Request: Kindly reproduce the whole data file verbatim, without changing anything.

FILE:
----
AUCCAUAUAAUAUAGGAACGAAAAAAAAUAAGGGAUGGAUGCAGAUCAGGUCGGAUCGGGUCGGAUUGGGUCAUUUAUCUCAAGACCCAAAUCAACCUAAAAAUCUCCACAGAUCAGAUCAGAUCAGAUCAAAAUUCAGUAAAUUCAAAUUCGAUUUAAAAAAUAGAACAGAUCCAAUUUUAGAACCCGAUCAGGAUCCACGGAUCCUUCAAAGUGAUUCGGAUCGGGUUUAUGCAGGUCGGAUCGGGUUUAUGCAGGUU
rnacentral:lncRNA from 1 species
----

AUCCAUAUAAUAUAGGAACGAAAAAAAAUAAGGGAUGGAUGCAGAUCAGGUCGGAUCGGGUCGGAUUGGGUCAUUUAUCUCAAGACCCAAAUCAACCUAAAAAUCUCCACAGAUCAGAUCAGAUCAGAUCAAAAUUCAGUAAAUUCAAAUUCGAUUUAAAAAAUAGAACAGAUCCAAUUUUAGAACCCGAUCAGGAUCCACGGAUCCUUCAAAGUGAUUCGGAUCGGGUUUAUGCAGGUCGGAUCGGGUUUAUGCAGGUU
rnacentral:lncRNA from 1 species